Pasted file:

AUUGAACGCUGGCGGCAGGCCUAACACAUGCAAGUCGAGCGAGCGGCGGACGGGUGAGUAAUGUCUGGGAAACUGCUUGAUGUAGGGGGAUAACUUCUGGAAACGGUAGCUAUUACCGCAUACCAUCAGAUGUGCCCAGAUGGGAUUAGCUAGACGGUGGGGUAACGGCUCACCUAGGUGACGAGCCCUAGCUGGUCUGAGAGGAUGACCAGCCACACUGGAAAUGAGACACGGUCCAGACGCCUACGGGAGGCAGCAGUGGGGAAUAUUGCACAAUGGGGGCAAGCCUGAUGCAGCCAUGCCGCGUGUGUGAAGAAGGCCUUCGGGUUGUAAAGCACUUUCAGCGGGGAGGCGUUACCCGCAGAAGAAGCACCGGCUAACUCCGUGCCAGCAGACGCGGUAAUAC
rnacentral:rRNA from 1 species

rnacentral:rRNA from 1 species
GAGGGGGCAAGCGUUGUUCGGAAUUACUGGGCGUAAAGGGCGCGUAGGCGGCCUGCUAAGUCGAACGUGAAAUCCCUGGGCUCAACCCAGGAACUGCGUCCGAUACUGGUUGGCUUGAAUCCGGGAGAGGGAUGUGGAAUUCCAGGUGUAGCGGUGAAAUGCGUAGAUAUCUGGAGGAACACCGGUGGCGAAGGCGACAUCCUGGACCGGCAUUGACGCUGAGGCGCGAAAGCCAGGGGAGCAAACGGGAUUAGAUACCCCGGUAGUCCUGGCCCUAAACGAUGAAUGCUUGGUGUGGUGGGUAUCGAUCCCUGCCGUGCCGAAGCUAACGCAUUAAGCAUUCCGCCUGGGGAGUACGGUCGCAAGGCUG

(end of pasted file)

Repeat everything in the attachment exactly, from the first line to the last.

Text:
AUUGAACGCUGGCGGCAGGCCUAACACAUGCAAGUCGAGCGAGCGGCGGACGGGUGAGUAAUGUCUGGGAAACUGCUUGAUGUAGGGGGAUAACUUCUGGAAACGGUAGCUAUUACCGCAUACCAUCAGAUGUGCCCAGAUGGGAUUAGCUAGACGGUGGGGUAACGGCUCACCUAGGUGACGAGCCCUAGCUGGUCUGAGAGGAUGACCAGCCACACUGGAAAUGAGACACGGUCCAGACGCCUACGGGAGGCAGCAGUGGGGAAUAUUGCACAAUGGGGGCAAGCCUGAUGCAGCCAUGCCGCGUGUGUGAAGAAGGCCUUCGGGUUGUAAAGCACUUUCAGCGGGGAGGCGUUACCCGCAGAAGAAGCACCGGCUAACUCCGUGCCAGCAGACGCGGUAAUAC
rnacentral:rRNA from 1 species

rnacentral:rRNA from 1 species
GAGGGGGCAAGCGUUGUUCGGAAUUACUGGGCGUAAAGGGCGCGUAGGCGGCCUGCUAAGUCGAACGUGAAAUCCCUGGGCUCAACCCAGGAACUGCGUCCGAUACUGGUUGGCUUGAAUCCGGGAGAGGGAUGUGGAAUUCCAGGUGUAGCGGUGAAAUGCGUAGAUAUCUGGAGGAACACCGGUGGCGAAGGCGACAUCCUGGACCGGCAUUGACGCUGAGGCGCGAAAGCCAGGGGAGCAAACGGGAUUAGAUACCCCGGUAGUCCUGGCCCUAAACGAUGAAUGCUUGGUGUGGUGGGUAUCGAUCCCUGCCGUGCCGAAGCUAACGCAUUAAGCAUUCCGCCUGGGGAGUACGGUCGCAAGGCUG